What are the biggest misperceptions people have about community cats?
There are so many! Maybe the biggest is the alleged impact of outdoor cats on wildlife, especially birds. There’s just so much misinformation and scaremongering out there. Even people who really want to protect community cats sometimes feel conflicted about their support of TNR, as if any actions to protect community cats are done at the expense of birds and other wildlife. This is simply not the case.
Consider, for example, the astronomical mortality estimates sometimes attributed to free-roaming cats. They all fail to stand up to even moderate scrutiny. Indeed, such estimates cannot be reconciled with the best population estimates available for various species of bird, or with the population trends documented by the annual North American Breeding Bird Survey. Put another way: If these claims were even remotely accurate, there would simply be no birds left.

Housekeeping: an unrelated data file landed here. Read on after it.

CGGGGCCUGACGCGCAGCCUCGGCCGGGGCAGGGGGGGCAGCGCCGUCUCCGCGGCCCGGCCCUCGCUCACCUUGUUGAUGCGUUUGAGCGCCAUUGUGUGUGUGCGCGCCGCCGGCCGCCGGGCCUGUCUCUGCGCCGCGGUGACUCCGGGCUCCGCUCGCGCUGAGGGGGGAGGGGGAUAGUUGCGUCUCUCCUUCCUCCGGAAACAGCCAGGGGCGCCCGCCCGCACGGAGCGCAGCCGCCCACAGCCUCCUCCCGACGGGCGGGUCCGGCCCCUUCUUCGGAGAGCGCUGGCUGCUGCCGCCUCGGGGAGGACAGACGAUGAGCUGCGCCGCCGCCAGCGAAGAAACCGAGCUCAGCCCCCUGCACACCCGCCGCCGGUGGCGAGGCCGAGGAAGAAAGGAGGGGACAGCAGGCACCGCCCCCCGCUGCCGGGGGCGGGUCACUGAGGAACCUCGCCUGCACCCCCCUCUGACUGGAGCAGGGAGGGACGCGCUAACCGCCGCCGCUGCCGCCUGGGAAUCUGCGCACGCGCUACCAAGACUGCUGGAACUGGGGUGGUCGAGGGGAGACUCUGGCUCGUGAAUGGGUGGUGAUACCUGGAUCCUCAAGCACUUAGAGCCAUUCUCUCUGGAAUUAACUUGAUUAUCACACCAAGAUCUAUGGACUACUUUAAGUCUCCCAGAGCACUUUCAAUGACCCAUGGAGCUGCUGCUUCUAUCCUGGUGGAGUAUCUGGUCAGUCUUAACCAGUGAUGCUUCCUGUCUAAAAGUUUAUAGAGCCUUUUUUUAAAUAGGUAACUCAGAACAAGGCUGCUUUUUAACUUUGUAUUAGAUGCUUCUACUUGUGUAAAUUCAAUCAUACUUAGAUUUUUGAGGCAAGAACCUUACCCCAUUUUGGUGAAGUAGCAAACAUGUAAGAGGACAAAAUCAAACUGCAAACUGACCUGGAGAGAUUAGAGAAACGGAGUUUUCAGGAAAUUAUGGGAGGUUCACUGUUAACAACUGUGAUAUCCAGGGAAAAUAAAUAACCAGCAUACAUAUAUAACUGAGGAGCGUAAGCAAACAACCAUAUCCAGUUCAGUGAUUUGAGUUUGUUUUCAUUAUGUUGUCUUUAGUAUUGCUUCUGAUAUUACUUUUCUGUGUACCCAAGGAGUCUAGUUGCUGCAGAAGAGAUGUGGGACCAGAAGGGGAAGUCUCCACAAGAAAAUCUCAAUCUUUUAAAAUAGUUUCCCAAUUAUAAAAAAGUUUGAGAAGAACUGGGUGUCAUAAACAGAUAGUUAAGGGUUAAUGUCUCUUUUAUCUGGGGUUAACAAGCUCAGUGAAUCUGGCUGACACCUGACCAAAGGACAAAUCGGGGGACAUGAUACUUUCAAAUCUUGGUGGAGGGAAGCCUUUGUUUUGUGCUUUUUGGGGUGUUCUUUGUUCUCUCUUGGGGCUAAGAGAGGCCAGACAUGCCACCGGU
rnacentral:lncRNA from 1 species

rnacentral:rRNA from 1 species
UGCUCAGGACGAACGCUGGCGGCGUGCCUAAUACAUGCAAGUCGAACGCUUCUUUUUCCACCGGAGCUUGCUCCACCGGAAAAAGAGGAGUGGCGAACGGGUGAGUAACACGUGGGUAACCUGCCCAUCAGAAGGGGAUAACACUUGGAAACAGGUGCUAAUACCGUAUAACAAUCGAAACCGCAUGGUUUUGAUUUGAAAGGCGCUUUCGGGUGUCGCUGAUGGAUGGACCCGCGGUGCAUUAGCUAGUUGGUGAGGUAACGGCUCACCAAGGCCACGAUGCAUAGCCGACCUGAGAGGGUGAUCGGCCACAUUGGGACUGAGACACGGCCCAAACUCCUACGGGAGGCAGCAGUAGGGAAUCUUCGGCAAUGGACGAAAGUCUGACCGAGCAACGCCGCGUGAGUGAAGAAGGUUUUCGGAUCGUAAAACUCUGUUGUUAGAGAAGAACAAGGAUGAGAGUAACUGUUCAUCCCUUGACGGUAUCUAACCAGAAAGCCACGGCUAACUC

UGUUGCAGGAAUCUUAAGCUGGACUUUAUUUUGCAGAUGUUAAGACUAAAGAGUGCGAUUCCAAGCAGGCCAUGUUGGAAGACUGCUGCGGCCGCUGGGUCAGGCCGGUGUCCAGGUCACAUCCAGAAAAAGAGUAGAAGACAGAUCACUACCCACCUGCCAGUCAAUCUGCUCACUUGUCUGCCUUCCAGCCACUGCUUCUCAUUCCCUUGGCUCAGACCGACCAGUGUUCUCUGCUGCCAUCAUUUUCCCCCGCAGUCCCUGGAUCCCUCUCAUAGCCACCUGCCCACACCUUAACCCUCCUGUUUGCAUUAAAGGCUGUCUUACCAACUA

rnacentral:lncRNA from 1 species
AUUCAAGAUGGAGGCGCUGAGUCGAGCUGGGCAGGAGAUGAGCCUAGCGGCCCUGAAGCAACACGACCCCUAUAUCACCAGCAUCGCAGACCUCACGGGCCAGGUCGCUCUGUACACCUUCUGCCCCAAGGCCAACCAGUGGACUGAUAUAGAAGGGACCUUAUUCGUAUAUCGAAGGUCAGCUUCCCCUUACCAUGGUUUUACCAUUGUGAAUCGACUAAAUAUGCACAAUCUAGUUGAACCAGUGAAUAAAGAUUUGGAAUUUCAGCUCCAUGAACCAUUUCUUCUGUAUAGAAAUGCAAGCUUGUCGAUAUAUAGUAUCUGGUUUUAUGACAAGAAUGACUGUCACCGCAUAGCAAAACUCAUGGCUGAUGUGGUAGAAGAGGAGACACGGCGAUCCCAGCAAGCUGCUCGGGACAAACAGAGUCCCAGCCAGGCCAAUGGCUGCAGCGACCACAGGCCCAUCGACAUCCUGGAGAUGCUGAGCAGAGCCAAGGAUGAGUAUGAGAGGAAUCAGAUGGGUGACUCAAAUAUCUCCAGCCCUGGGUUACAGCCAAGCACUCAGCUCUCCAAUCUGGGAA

Another big misperception is that community cats are unhealthy and pose a public health threat. Again, a review of the science tells us otherwise, as does our extensive experience on the ground with our community cat programs. The vast majority of community cats (more than 99 percent according to one study), are in good condition. Clearly, they’ve got all the necessary resources in the community.
What can we do to change people’s perceptions of free-roaming cats and TNR programs?
This might sound strange coming from somebody who spends so much time digging into the science, but I often find it’s best not to argue the merits of one scientific study or another. Instead, I prefer to zoom out and focus on the big picture. The traditional approach to managing free-roaming cats (impoundment followed, in most cases, by lethal injection) has been used for more than 100 years in this country, with no evidence whatsoever that it’s produced any long-term population reduction. It’s also wildly unpopular and costly ― the poster child for failed public policy.